Review Ample Guitar TC II by Ample Sound

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TopPickRedOrange

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Review Ample Guitar TC II by Ample Sound

A guitar rarity in its own right and with legendary sound from a master of his craft! Ample Sound brings us a deeply sampled John English Masterbuilt Fender Telecaster. For those that don’t know him, John English was the master Luthier and long-time manager of the Fender Custom Shop.

Ample TC II sells for $119.00 from Ample Sound

Thoughts

For years, the wait list to own a John English Masterbuilt Telecaster was a very long one to be sure. Now you can own this classic axe in your own studio. For many players of the Electric guitar you are either a Fender or a Gibson fan. Don’t let that feud stop you here – this one is not to be missed!

I simply love the clean tone and the expressive sound of this guitar. The realism of the string noise, host of articulations (more on that in a minute), strumming engine and a new Tab to Midi feature.

If you own any of the other Ample Sound guitars/basses (and this one marks the 12th installment), the interface will be completely familiar to you as it uses all of the same controls and page layouts. While we review a fair amount of Kontakt libraries, the Ample Sound family of guitars is all plugin based. Plugin or Library, to me it’s all about the best tool for the job and this one it amazing! The AGTC II sports the organic gutsy tone you expect from a Fender Custom Shop Masterbuilt Telecaster.

A

 

The initial interface page identifies only a tab for the Bridge pickup.

While I am a bit disappointed that there is no neck sample set for the TC II, Ample Sound has told me that they plan to introduce the Neck pickup Extension in early 2017.

Since the Ample AGF (Fender Strat) does not have a bridge pickup, apparently there was a pretty big push to sample the bridge first on this one. From my perspective, this is actually a good choice since the bridge pickup contains more coil windings and the added combination of the metal mount and slant position provides for recipe for that signature gutsy twang we all love it and really cuts through the mix.

Rather than go through every page feature by feature (there’s a great handy manual for that), I will outline some of the really standout features.

Hovering over each control provides a tool tip with helpful information on usage. You have an extreme level of control with sample and articulation editing along with a choice of modes, the standard mode or keyboard mode (multiple notes per string) or solo mode (single note only). I also like the cool guitar doubling feature which uses different samples on the left and right sides and the “intelligent” Capo logic to follow incoming notes. This guitar is really well sampled and playing it clean, the note transitions are clear and crisp. There are no artifacts, stutters or choppiness. In other words – it plays like a real guitar.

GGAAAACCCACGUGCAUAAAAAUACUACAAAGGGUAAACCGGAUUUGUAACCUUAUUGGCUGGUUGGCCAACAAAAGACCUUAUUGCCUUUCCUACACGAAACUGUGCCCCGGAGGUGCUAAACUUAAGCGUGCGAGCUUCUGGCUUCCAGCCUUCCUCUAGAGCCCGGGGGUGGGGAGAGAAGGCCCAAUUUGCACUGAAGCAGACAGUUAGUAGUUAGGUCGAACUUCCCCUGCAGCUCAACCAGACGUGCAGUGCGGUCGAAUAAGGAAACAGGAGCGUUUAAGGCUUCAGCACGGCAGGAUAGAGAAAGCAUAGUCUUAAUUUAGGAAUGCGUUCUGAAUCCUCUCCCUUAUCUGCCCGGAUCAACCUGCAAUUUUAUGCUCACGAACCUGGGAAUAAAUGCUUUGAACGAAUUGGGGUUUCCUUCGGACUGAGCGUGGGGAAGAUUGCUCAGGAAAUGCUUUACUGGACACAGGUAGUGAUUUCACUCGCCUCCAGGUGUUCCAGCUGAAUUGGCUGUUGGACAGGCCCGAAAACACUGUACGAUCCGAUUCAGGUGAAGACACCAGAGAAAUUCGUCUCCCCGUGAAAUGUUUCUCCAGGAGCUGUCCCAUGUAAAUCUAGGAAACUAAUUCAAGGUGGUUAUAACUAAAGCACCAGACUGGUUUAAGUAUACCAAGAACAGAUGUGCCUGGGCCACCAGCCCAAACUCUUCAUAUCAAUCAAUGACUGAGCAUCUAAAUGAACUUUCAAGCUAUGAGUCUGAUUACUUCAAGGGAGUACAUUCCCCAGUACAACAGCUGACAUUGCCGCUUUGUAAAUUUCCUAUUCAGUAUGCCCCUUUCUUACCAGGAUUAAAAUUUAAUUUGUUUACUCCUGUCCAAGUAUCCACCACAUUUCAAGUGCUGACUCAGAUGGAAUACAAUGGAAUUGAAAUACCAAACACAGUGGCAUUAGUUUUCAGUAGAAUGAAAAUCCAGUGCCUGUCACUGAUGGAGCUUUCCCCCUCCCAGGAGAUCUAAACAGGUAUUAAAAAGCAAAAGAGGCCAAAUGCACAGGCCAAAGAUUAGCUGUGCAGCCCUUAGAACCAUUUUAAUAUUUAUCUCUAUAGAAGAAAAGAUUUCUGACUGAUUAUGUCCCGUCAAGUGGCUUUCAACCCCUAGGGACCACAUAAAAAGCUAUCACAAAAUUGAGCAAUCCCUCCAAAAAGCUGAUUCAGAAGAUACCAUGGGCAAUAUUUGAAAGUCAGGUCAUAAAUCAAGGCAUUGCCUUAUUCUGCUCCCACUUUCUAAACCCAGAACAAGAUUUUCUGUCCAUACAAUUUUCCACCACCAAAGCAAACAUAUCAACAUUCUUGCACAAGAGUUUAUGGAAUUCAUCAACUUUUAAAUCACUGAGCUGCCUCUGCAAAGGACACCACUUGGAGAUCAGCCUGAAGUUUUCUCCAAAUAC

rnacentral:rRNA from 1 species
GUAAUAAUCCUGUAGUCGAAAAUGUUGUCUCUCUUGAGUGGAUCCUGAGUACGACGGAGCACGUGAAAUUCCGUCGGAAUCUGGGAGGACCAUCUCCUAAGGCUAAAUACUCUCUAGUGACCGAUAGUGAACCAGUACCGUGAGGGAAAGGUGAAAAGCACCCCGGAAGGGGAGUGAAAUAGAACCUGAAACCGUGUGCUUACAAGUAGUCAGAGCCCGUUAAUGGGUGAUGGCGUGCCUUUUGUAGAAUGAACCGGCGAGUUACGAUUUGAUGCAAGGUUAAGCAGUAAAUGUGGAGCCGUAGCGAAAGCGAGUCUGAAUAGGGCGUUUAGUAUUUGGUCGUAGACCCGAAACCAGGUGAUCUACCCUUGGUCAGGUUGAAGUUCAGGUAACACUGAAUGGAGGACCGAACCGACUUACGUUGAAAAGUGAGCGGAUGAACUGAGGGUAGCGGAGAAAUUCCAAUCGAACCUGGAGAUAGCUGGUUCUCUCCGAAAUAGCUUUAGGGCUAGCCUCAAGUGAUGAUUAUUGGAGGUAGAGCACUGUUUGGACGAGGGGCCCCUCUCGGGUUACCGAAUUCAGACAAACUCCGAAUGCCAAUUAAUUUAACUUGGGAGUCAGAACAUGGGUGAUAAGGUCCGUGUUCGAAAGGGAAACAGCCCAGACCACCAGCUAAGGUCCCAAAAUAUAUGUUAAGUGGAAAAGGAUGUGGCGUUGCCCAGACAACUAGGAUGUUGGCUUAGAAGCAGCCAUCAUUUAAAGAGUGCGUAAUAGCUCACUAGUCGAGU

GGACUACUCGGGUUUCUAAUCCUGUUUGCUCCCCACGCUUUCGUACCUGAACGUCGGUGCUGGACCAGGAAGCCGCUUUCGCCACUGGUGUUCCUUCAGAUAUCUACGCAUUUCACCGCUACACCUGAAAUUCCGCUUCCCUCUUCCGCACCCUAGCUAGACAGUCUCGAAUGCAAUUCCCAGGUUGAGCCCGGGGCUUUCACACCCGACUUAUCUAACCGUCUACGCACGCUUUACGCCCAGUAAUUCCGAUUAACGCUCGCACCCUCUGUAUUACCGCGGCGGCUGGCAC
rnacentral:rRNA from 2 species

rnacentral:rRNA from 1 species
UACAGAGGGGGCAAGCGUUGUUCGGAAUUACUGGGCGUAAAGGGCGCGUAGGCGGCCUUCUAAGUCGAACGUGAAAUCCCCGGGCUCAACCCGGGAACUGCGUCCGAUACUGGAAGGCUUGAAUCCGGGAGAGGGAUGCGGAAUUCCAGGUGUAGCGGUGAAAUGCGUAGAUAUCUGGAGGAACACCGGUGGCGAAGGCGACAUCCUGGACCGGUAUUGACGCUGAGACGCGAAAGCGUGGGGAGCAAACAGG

B

 

The Strummer tab gives you a wealth of choices for Chord selection – up to 14 chords and 28 different ways to play them. You can do the math on that one. You can use the engine to play the chords or chose the articulations you want and play the chords yourself. Articulations are plentiful in the Ample Sound engine and you can double them up by using two key switches together. In addition, there is a slide guitar mode with 10 articulations of its own. All of this along with Poly legato makes for some pretty amazing realism in your playing. Again, if you have any of the other Amplesound guitars, this will be familiar territory.

 

C

 

You can also choose from a huge selection of strum patterns sorted by genre, time signature and BPM or you can create your own.  Picking the folder icon under the chord section will pop up the available options for the chord bank. All in all, this has been very well thought out and is very handy.

D

The next feature – new is version 2.4 of the Amplesound line of instruments is Tab to MIDI. You can now take Tab directly from TC II and drag it into your DAW or export it to an audio file. To the best of my knowledge this currently supports GPX, GP3, GP4 and GP5 formats. Again, refer to the documentation for updates as they become available as the line of instruments is updated regularly. There is some very detailed information available from Amplesound on all the technical details but suffice it to say – this is one cool feature!

E

The last tab is FX. Ample Sound provide a decent set of FX here that really don’t sound bad, including a Wah Wah peddle. I prefer to use premium plugins (I know, I sound like a broken record), but they do give you a solid ability to sketch your sound when composing on the fly with TC II.

I have to say that in the argument of Fender vs. Gibson, I have one foot firmly planted in each. I love guitars – all guitars and I really love this one.

The real version of this guitar might be out of reach price wise for the average musician but this is certainly an affordable and great sounding surrogate.

My only real complaint at this point is the lack of a Neck pickup, but knowing that it is on the way eases that concern. It still packs that wicked Tele twang and gutsy sound with the Bridge pickup. The addition of the Neck pickup will only make it better in my opinion. I am awarding The Ample Sound AGTC II the SampleLibraryReview Top Pick in the Electric guitar category! As with all of my reviews, I will say that before making your purchase, please check out the official demos to make sure that this is the right tool for you.

 

Facts

Amplesound TC II is a VST/AAX/AU/RTAS virtual instrument plugin. It requires 3.78 GB of disk space. Ample Sound provides and extremely comprehensive technical fact sheet on their website: here.

Ample Guitar TC II  is available for $119 (USD) from Ample Sound

Demos of Ample Guitar TC II by Ample Sound

 

Videos of Ample Guitar TC II by Ample Sound